Desautels students’ travel to Israel on business mission
By John Matheson
Some spend reading week lounging on the beach. Others occupy themselves with a backload of schoolwork. Twenty Desautels students, including me, were fortunate enough to travel to Israel during the break to study the country’s national competitiveness. With the recent Israeli elections and conflict in Gaza, it was, without doubt, a stirring time to visit the country. The trip was a distinct success and granted us unique insight into how the relationships among culture, politics, and business combine to determine a country’s competitiveness.
The trip, sponsored by the Schwartz Reisman Foundation, served as the main component of the management course, Perspectives on National Competitiveness, taught by Prof. Karl Moore. Twenty students from Western’s Richard Ivey School of Business joined our McGill Desautels contingent. After spending January and February in class sessions with Prof. Moore, studying emerging ideas on economic regionalism, innovation, and culture, we were equipped with the necessary theoretical foundations to apply to our fieldwork in Israel.
To gain a historical perspective, we spent our first three days in Jerusalem. While there, we toured the Old City and visited sites like the Western Wall. A moment that touched me personally occurred at Yad Vashem, the national holocaust museum. Overcome with emotion, I left early and exited on to an inspirational balcony overlooking the mist-filled valley below. It was then, during the peace and serenity of that instance, I understood the magnitude of history’s effect on Israeli culture.
We also had a private briefing by Bank of Israel Governor, Stanley Fischer. It felt surreal to sit in Mr. Fischer’s boardroom and learn about the country’s economy from the governor himself. During a bus tour of East Jerusalem, we got up-close and personal with the wall which separates Jerusalem from the Palestinian-governed West Bank. Though the trip’s objective was not to study the region’s politics per se, it nevertheless remained an omnipresent theme over our nine-day visit. We would have benefited from a wider range of political viewpoints had our trip been for that purpose, but our group maintained critical perspectives and posed challenging questions to the speakers we heard from.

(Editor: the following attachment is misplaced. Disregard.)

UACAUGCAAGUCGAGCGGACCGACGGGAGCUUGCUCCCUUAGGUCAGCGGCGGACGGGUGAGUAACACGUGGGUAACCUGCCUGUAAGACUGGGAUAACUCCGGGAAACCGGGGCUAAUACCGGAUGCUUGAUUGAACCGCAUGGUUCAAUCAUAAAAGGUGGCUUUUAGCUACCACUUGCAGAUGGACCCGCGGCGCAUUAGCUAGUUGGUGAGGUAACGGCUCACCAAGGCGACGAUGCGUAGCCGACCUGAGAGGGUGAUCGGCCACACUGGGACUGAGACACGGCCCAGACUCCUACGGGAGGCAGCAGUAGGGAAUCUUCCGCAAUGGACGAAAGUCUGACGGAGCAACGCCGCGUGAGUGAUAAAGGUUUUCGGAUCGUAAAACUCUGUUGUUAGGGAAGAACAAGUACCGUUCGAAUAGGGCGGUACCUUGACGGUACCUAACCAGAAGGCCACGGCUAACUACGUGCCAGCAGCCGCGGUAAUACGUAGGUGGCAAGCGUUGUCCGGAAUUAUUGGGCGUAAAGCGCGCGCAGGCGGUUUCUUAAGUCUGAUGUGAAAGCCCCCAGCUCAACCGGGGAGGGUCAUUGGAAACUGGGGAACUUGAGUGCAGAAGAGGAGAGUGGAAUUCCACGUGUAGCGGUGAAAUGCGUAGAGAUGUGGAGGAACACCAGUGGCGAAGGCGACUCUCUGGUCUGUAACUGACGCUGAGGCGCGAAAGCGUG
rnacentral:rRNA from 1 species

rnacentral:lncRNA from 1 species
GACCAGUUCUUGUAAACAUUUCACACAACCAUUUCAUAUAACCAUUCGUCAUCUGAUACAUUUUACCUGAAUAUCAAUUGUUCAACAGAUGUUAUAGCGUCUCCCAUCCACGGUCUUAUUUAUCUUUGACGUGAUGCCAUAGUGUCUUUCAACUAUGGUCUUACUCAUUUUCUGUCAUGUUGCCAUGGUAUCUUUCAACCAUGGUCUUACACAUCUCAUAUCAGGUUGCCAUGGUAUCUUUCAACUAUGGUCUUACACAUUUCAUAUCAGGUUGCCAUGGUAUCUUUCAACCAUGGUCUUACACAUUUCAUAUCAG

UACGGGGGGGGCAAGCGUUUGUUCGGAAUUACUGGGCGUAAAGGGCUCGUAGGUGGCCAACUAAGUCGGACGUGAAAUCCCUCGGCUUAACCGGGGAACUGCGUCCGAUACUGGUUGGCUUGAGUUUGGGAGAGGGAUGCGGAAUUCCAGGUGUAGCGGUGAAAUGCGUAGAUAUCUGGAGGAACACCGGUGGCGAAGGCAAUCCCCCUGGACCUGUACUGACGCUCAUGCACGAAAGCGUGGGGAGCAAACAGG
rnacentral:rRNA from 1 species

After Jerusalem, we traveled to the Dead Sea. For me and many of the others, it was pure euphoria – effortlessly floating and painting ourselves with the therapeutic black mud, laughing and enjoying the moment like children. Later that day from a magnificent outlook atop the Golan Heights, we saw the geographical intersection of Syria, Jordan, and Israel with the Sea of Galilee below and Lebanon on the horizon. While there, we visited the biggest exporter and backbone of the Israeli wine industry, the Golan Heights Winery.
In Tel Aviv, we continued to meet business leaders and government officials. A highlight was our meeting with real estate mogul Danna Azrieli. Ms. Azrieli welcomed the group to a truly breathtaking panoramic view of nearly the entire country from the helipad of the Azrieli Center – from Haifa to the outskirts of the Gaza Strip to the urban sprawl outside Jerusalem and the West Bank. The country is not small; it’s tiny. Seeing the country from this perspective prompted Jody Cohen to say, “Now I truly understand how politics, business, and culture are all interconnected and cannot be separated.” We also spent time at the Tel Aviv Stock Exchange and were granted a rare view inside Israeli Aerospace Industries.
Israeli companies are known for their innovative capabilities and technological edge. The “no success like failure” attitude of Israelis is reflective of the constant drive to try out new ideas. Most of our speakers touched on the common theme of “serial entrepreneurialism,” which is instrumental to the country’s competitiveness. Israelis are true innovators as evident from both their prosperous high-tech industries and perpetual improvisation in an area that is comparatively lacking in natural resources.
Reflecting on my experience in Israel evokes a range of emotions and insights. I can, however, conclude one thing with certainty: experiential learning like ours is an invaluable part of my undergraduate studies at the Desautels Faculty of Management, and it allowed my colleagues and me to apply four years of study in practice. Underscoring our learning-by-doing approach was a chance to analyze a real case abou Superpharm (the Israeli version of Pharmaprix) in teams with the Ivey students. Our recommendations were presented to CEO Lior Reitblatt.
Special thanks is given to Zack Belzberg, Sam Langleben, Dan Shiner, Jono Kalles, and Prof. Moore for their diligent efforts. Sharing the learning experience with an impressive group of diverse individuals and the unprecedented access we were afforded are things that make this one of the most memorable and educational experiences I’ll ever have.
John Matheson (B’Com ’09) is graduating from the Desautels Faculty of Management in May. John’s areas of study are Global Strategic Management and Organizational Behaviour. He also has a minor in International Relations. John is originally from New Brunswick and currently has no plans for post-graduation. In the long run, he would like to work in politics and academia.